California is planning to ban marijuana deliveries by drone
But some in the industry think the ban will be lifted in time
By Jeremy Berke
California is planning to ban marijuana deliveries by drone when recreational sales begin in the state on January 1.
California’s Bureau of Cannabis Control released a study on Wednesday describing regulations for California’s commercial marijuana market when it opens in a few months, in which it outlined emergency rules to take effect ahead of the January 1 date.
“Transportation may not be done by aircraft, watercraft, rail, drones, human-powered vehicles or unmanned vehicles,” the study says. Marijuana can only be transported in “trailers” or “commercial vehicles.”
And while drone deliveries are out for entrepreneurs, California will allow delivery services — by commercial vehicles only — to customers at home.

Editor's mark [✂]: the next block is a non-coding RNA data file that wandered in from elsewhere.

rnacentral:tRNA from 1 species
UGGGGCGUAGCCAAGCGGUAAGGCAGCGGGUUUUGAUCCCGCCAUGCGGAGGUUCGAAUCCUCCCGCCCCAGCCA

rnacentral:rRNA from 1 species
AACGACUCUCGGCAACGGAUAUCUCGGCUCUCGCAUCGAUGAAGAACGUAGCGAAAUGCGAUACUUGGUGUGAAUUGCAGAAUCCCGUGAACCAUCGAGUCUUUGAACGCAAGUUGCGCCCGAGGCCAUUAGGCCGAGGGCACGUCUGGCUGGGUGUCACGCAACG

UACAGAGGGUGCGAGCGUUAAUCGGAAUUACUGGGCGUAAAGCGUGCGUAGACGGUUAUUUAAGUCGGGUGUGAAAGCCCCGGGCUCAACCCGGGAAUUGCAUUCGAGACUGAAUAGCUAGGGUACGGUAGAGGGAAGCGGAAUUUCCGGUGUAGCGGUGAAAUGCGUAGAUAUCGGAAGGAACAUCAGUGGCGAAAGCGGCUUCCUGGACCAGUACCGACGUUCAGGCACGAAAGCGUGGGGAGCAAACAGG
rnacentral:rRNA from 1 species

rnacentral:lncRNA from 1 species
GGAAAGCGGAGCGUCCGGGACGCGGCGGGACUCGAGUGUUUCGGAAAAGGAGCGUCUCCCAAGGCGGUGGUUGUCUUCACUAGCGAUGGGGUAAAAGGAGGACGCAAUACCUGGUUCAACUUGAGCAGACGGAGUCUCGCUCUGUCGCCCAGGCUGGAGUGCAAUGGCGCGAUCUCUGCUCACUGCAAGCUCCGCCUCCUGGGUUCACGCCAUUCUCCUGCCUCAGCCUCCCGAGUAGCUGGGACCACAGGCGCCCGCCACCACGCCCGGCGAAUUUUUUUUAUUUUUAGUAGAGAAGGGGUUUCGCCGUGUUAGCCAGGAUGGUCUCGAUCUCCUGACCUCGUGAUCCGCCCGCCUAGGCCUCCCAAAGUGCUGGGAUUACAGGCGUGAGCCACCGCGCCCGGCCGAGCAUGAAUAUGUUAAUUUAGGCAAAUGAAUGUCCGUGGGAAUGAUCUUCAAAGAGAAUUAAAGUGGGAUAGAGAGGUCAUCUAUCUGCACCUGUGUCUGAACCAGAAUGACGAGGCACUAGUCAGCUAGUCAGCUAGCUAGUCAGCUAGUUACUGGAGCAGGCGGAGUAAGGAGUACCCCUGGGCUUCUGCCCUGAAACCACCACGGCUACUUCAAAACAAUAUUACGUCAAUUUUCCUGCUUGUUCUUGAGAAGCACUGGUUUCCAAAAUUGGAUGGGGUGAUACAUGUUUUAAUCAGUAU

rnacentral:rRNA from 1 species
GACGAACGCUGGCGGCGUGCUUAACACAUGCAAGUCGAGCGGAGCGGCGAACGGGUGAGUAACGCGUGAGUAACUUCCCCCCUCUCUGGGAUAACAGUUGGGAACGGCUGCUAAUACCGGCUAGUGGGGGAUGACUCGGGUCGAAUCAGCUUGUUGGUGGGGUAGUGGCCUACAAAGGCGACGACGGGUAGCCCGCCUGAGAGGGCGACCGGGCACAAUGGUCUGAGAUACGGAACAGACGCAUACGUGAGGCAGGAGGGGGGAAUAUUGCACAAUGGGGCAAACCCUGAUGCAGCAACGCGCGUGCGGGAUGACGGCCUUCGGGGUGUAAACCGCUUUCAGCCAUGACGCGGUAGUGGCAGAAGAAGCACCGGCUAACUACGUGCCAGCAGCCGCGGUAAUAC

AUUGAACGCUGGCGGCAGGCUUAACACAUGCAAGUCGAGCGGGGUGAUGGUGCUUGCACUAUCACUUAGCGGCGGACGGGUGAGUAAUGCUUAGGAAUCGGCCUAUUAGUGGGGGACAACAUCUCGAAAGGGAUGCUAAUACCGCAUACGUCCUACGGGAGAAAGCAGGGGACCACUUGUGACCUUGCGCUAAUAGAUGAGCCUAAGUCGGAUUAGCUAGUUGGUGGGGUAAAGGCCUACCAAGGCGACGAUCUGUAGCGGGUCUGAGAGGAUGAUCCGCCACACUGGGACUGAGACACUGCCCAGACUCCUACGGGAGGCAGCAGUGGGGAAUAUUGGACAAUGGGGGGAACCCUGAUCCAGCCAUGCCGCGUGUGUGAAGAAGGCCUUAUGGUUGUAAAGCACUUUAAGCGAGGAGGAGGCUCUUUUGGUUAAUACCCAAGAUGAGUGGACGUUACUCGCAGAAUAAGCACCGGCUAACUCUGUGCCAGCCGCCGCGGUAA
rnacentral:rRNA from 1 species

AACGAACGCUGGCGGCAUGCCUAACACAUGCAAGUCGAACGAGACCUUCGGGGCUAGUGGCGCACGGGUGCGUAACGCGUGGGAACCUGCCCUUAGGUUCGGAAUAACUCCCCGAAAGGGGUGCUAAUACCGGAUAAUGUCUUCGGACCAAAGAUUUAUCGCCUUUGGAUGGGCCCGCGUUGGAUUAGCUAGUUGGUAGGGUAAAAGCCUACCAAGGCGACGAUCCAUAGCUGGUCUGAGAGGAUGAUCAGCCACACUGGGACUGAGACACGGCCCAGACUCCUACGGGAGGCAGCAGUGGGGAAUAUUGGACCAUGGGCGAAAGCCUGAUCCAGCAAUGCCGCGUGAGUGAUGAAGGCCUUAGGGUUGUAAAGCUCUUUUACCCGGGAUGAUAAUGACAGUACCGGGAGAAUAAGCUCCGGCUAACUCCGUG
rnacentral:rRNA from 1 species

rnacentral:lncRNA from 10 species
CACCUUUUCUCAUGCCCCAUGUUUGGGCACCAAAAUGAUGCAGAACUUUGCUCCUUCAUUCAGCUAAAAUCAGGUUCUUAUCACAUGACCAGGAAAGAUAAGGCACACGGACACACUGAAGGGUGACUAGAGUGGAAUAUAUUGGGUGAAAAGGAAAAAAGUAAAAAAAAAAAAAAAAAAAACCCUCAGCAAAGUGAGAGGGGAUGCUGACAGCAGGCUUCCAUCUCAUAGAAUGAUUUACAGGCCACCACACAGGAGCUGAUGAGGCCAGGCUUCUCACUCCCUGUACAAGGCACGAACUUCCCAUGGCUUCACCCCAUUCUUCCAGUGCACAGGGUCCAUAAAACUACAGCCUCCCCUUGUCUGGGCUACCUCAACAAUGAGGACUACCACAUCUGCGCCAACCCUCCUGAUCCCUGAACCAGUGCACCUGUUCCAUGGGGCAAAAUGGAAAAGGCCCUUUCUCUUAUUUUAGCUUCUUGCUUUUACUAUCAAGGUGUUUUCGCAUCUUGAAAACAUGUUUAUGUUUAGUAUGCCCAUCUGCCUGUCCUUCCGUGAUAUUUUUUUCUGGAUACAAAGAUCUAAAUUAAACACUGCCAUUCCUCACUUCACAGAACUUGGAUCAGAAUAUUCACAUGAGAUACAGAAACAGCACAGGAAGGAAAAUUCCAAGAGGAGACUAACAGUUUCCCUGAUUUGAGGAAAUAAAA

Companies like Eaze are well-positioned to capitalise on the delivery boom ushered in by legalisation. California is the sixth-largest economy in the world, with some estimating the total market for marijuana in the state will exceed US$6 billion by 2020.
Matt Gray, the CEO of HERB, a digital media company for the marijuana industry, told Cheddar on Tuesday that he sees it as a “matter of time” before California lifts the ban on drone deliveries and the state’s regulations catch-up with “innovation.”
“It’s inevitable that companies like Amazon and weed-delivery companies like Eaze will be into this,” Gray added.
Recreational marijuana is legal in seven states, and some form of medicinal marijuana is legal in thirty states. Marijuana is still considered an illegal Schedule 1 drug by the federal government.